So for a while, this show turns into the adventures of Rachel, Tom, and Renée as they battle the evil machinations of Gordon and Kelly. And it’s pretty engrossing stuff. But then, when one of the regular cast members makes an appearance, suddenly I think, “Oh, that’s right, this is Alias I’m watching.” Fortunately, during the second, post-pregnancy half of the season, the show turns back into semi-classic Alias, and we’re back in the world of Sydney, Jack, Dixon, Marshall, and Sloane.
I’d heard a lot of rumors that Jennifer Garner sleepwalked through this season, thanks to both the pregnancy and to her getting more and more movie offers, but I personally don’t see it. Sure, she missed out on a lot of airtime while becoming a mom, but aside from that, she really shines when she’s on screen. As Sydney, she shows a lot of emotional intensity while fretting over Vaughn or worrying about the fate of her baby. And as usual, she still gets to adopt some crazy aliases while undercover. At one point, believe it or not, she even plays two characters at once. This, plus the fact that her name gets added to the credits as an executive producer this year, tells me Garner never lost her passion for the show, and she sticks with it right to the end.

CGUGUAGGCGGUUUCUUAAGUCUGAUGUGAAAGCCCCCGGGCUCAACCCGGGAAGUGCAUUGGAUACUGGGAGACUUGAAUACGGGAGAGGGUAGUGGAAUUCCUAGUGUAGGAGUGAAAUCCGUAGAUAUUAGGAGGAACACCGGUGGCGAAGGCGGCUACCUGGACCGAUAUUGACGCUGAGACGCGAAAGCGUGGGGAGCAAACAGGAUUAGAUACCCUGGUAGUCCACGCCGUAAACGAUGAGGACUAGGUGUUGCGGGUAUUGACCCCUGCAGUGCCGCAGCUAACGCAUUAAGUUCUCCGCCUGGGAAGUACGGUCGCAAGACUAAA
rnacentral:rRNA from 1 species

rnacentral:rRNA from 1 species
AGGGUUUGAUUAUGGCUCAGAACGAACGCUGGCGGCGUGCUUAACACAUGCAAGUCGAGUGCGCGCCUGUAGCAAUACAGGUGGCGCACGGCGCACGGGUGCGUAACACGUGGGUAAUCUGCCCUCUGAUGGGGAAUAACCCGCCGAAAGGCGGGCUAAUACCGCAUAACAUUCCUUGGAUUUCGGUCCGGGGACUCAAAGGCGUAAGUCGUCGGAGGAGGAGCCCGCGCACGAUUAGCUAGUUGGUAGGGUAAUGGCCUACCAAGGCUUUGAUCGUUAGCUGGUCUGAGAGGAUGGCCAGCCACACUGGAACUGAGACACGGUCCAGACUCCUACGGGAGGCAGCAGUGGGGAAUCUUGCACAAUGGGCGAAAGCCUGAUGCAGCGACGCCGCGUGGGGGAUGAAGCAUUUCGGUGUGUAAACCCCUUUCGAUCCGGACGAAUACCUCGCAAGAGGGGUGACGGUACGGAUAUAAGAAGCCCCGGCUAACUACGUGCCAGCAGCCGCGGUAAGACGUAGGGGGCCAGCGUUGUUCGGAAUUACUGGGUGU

The rest of the show’s regulars continue to play their roles with skill, even if they are sometimes overcrowded by all the newbies. Victor Garber gets a few moments of extreme bad-assness that has made his character so popular. Carl Lumbly remains strong and stoic; Weisman continues to fill the vital comic relief position with ease. And if there weren’t enough characters already running around, the second half of this season suddenly becomes a massive continuity-a-thon, with a “who’s who” of former Alias supporting characters returning, including a few of the dead ones. This is not the season to start with if you’re new to the show. Instead, it rewards longtime viewers with dozens of nods to previous episodes, tying up all sorts of loose ends.